It’s a given that when it comes to building cars with heart and soul, the Italians are unsurpassed, and while they’re certainly not the only car-building nation to implant high-performance engines into mundane models, they do tend to do so with a passion and flair that is unique.
Cast your mind back to models such as the Fiat Strada Abarth and Uno Turbo and the Lancia Delta HF Turbo – everyday runabouts with levels of performance that seemed pretty outrageous at the time, yet simultaneously practical and rewarding to drive. However, they weren’t always a good secondhand buy, with an often well-deserved reputation for poor build quality and dubious reliability that would frequently lead to an early demise…
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Thankfully the Fiat Panda 100HP does not suffer like its predecessors, yet otherwise it follows a similar formula. Here is a largely uninspiring city car endowed with a 99bhp 1.4-litre engine, a 6500rpm red line and a six-speed gearbox to make the most of it. Body styling is from the best school of stick-on addenda, with black plastic wheelarch extensions, revised front and back bumpers, darkened ‘privacy’ glass at the rear and fatter 15in rims giving the baby Fiat some degree of presence.
It goes without saying that the chassis is a significant step ahead of the base Panda, with lowered and tightened suspension and the addition of a ‘Sport’ button in the dashboard, replacing the more familiar ‘City’ version. While the City mode gave even more assistance to the steering for tight, urban roads, the Sport version removes it, firming the feel and giving better feedback to the driver. It also sharpens the throttle response, which is something of a double-edged sword – great on the open road but annoying if left on around town.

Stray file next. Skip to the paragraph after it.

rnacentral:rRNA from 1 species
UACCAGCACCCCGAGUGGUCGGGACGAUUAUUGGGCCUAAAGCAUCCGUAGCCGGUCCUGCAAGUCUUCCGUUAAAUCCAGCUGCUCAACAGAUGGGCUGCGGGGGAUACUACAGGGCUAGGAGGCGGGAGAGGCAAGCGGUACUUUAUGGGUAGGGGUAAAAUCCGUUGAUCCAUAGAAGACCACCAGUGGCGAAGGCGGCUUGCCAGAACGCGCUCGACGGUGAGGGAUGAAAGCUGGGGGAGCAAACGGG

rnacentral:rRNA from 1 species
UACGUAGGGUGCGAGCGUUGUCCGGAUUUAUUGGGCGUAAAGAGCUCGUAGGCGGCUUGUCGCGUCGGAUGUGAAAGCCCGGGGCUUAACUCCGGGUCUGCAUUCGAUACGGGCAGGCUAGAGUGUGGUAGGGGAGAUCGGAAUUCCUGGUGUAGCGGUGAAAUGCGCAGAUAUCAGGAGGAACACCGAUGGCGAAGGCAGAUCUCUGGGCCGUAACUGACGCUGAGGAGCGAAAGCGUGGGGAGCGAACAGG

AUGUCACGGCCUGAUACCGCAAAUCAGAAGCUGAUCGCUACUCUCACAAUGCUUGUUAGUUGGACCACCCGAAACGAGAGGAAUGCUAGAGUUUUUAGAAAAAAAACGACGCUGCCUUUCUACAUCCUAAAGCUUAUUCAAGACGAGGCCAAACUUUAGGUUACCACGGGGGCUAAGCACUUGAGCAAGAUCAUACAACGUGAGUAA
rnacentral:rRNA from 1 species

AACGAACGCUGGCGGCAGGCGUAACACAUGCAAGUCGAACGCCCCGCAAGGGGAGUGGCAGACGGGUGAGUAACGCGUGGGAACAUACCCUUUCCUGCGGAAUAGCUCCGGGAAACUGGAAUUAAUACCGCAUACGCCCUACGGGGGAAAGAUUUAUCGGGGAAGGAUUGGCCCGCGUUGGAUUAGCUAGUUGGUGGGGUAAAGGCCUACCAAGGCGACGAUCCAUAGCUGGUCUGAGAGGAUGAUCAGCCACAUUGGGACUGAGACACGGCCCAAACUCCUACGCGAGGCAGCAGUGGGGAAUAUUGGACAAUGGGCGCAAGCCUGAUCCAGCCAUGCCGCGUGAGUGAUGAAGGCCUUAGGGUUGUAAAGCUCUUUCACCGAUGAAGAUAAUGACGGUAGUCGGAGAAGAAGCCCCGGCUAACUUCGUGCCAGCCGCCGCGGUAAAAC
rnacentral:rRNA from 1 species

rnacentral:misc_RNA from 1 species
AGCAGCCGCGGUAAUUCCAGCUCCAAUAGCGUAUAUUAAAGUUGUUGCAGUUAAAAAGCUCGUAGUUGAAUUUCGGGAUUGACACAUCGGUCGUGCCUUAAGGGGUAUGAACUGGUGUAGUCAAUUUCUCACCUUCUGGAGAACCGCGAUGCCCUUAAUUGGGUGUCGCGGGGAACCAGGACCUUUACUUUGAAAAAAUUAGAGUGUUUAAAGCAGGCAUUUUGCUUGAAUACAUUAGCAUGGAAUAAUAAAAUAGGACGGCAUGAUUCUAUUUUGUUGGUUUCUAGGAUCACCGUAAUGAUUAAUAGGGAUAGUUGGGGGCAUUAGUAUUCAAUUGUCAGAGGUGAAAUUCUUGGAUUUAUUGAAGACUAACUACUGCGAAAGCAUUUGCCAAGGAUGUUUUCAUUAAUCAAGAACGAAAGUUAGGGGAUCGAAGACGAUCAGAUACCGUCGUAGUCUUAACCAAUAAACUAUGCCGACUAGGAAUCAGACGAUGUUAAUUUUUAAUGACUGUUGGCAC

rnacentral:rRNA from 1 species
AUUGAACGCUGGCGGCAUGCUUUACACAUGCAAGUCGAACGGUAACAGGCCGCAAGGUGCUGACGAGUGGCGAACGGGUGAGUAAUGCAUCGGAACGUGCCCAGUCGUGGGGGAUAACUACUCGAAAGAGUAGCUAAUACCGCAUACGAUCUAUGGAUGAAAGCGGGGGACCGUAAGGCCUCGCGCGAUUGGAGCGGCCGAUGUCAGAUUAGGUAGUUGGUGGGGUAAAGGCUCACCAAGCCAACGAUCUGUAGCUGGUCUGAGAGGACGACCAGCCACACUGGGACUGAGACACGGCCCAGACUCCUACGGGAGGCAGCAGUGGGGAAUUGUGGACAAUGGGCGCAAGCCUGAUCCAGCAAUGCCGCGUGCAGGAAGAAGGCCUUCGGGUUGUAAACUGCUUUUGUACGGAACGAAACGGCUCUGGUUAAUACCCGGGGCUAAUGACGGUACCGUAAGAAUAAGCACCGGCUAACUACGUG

You can’t help but smile, though. Responsive and willing, in a car that weighs less than a ton, the 1.4 delivers all the performance you need to ensure the warm (you could never genuinely describe it as ‘hot’) Panda is nothing but fun on a good B-road. Sure, motorways are never going to be a relaxed experience in something so small, firmly sprung and raw, but that’s not what the Panda’s about. Point it at some twisty tarmac and it comes alive.
The key to getting the most from the 100HP is to use only the right-hand pedal and avoid the middle one at all costs. Keep the speed up entering a corner, let the suspension dig in, the tyres bite, and drive it through. Understeer makes fewer appearances than you’d expect and the chassis remains remarkably composed and predictable. The Panda’s limits are not only a lot further away than you’d imagine, there is also plenty of warning as you begin to approach them.
The result is a grin-inducing drive that truly embodies everything we love about small Italian performance cars. Oh, and did we mention this can all be had for the same price as a reasonable family holiday.
'I BOUGHT ONE'
‘I’d been driving a Fiat Brava that I “acquired” from my mum when I passed my test, but with 140,000 miles on the clock it was on its last legs. I was looking for something that was fun but on a relatively tight budget. I tested a 100HP and was sold instantly.
‘I managed to get a fantastic deal from the dealer – the car was listed at just over £10,000 and I got mine for exactly £8000 in early 2008.
‘I love everything about it – the way it looks, the handling and the engine. My work commute takes 30 minutes and I always, without fail, go cross-country. The car’s OK on the motorway but if there’s a route that avoids them or dual carriageways, I’ll choose that – it’s what it’s made for.
‘I love using the engine, right up to the red line. It’s great in first, second and third, but after that, it’s a bit rubbish. Round the lanes, though, that’s all you need. With the Panda’s chassis, you don’t use the brakes or even lift – you keep the speed up and throw it around. Brilliant fun…’